Sightseeing in Richmond

$6 for a 40-Minute Canal Cruise for Two from Riverfront Canal Cruises (Up to $12 Value)

Riverfront Canal Cruises

Brown's Island

40-minute tour takes patrons gliding down James River and Kanawha Canal as guides tell tales from the past

$12 $6

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Historic City Trolley Tour for One, Two, or Four from RVA Historic Tours (Up to 53% Off)

RVA Historic Tours

Shockoe Slip

Two-hour trolley tours take guests through Richmond's historic sights

$35 $19

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60-Minute Segway Micro Tour of City Landmarks for One or Two from Segway of Richmond (54% Off)

Segway of Richmond

Shockoe Slip

Segway tours glide through River District, Shockoe Bottom, and retrace Lincoln’s visit to Richmond nine days before his death

$50 $25

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Valentine Richmond History Center Outing for Two or Individual or Family Membership (Up to 51% Off)

Valentine Richmond History Center

Capitol District

More than 1.7 million objects & artifacts inspire guests to examine Richmond history & members enjoy discounts & special events

$16 $8

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Haunted-History Walking Tour for Two or Four with Ghost-Hunting Equipment from Spirit Expeditions (50% Off)

Spirit Expeditions

Richmond

A two-hour walking tour covers Richmond's most haunted areas and allows guests to conduct their own paranormal investigation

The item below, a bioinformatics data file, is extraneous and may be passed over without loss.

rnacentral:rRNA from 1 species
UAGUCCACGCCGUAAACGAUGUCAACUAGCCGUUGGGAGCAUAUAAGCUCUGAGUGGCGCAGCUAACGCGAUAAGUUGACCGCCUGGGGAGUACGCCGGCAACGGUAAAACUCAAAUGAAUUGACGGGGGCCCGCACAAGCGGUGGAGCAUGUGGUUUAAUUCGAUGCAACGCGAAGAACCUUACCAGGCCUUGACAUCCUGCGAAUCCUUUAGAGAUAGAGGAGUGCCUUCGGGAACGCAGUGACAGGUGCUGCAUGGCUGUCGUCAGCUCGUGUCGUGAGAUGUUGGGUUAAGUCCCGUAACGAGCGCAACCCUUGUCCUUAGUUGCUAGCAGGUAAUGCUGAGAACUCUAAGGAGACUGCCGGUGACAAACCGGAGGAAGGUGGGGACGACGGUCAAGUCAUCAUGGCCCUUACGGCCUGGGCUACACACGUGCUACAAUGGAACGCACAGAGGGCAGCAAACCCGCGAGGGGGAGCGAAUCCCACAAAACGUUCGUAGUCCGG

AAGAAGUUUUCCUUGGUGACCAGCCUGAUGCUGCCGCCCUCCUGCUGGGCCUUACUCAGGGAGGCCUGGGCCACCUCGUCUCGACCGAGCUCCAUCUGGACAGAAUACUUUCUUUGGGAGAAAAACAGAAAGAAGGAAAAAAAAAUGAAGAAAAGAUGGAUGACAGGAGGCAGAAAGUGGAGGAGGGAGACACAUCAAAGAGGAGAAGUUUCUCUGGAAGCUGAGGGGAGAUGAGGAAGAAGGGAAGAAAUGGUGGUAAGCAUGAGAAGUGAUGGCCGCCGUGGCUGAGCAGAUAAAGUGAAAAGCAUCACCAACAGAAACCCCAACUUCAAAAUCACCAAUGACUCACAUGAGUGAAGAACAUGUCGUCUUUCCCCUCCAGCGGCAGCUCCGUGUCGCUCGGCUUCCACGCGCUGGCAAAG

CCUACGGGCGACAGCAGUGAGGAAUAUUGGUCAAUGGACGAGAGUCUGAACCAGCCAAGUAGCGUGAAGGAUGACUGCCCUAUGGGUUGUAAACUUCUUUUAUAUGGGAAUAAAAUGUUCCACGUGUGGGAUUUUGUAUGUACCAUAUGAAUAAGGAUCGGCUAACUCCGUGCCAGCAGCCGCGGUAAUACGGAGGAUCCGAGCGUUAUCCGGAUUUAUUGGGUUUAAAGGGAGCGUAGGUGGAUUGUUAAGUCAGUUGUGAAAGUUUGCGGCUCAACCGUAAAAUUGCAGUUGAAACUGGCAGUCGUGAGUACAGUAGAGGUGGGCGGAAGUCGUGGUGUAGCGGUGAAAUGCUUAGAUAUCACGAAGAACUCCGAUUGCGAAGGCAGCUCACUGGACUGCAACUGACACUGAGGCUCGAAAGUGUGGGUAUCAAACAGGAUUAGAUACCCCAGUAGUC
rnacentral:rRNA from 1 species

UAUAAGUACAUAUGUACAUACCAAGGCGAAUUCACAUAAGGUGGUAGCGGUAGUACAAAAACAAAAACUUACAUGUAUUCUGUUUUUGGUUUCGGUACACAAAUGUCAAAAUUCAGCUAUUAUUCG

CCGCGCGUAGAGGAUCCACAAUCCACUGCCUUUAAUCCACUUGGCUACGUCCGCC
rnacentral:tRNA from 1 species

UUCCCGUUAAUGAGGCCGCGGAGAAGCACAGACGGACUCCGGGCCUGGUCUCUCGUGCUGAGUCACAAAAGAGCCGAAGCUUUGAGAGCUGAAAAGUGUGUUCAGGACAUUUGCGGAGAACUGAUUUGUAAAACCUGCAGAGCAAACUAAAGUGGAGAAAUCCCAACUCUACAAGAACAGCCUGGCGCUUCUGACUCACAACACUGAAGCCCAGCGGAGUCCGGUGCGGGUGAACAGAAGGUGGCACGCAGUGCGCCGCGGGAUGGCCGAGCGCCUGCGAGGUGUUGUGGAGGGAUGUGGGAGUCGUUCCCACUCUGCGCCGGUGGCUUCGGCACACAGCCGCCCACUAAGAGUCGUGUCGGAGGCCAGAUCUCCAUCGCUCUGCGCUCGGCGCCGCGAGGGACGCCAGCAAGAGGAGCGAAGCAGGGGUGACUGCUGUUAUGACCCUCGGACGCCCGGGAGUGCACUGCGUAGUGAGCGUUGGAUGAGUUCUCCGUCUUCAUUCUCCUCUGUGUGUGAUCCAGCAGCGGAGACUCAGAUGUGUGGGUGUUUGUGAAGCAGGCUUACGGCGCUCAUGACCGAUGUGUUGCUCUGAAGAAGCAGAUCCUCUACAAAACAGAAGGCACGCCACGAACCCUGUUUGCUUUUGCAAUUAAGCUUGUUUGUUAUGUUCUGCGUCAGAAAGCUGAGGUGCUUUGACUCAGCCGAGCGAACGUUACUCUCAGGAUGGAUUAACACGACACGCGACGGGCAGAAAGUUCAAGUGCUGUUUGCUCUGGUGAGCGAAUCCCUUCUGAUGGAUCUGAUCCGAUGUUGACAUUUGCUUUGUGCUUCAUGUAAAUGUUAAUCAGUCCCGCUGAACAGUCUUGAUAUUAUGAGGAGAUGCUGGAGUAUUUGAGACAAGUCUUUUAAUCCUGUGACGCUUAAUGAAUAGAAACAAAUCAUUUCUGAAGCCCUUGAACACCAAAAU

$50 $25

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5K or 10K Running Tour from Richmond Runs (Up to 51% Off)

Richmond Runs

Capital Fountain

Runners can receive a bottle of water, Health Warrior chia nutritional bars, and digital photos

$30 $15

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Having stood its ground against those who wanted to tear it down, Wilton House serves as a symbol of the Colonial American spirit in more ways than one. Built in 1753 as the main house on a 2,000-acre plantation, the structure serves as a steadfast example of Georgian architecture. It’s the home of more than 1,400 17th-, 18th-, and 19th-century objects and artifacts, including documents signed by founding fathers and US presidents. Wilton even played host to the likes of Thomas Jefferson, the Marquis de Lafayette, George Washington, and George Washington’s white-wig-wearing foxhound. In addition to daily tours, the museum staff hosts events, such as lecture series, concerts, and seasonal exhibits.

215 S Wilton Rd
Richmond,
VA
US

Eerie Nights Ghost Tours aren't only eerie because they stop at historic, plausibly haunted Richmond locales on its walking and 1920s-themed trolley-ride tours. There's another creepy component?the guides. They look undead, thanks to their special-effects makeup and spooky costumes. They act it, too, showcasing their theater chops as they share their suspenseful supernatural stories about the city, like the time a local coffee shop passed off decaf as regular coffee.

100 North 17th Street
Richmond,
VA
US

The White House of the Confederacy constituted the social, political, and military headquarters of Confederate States of America President Jefferson Davis during the Civil War. Later named a National Historic Landmark, the building still stands today. Daily guided tours lead guests through the grand 19th-century structure, which houses more than half its original wartime furnishings.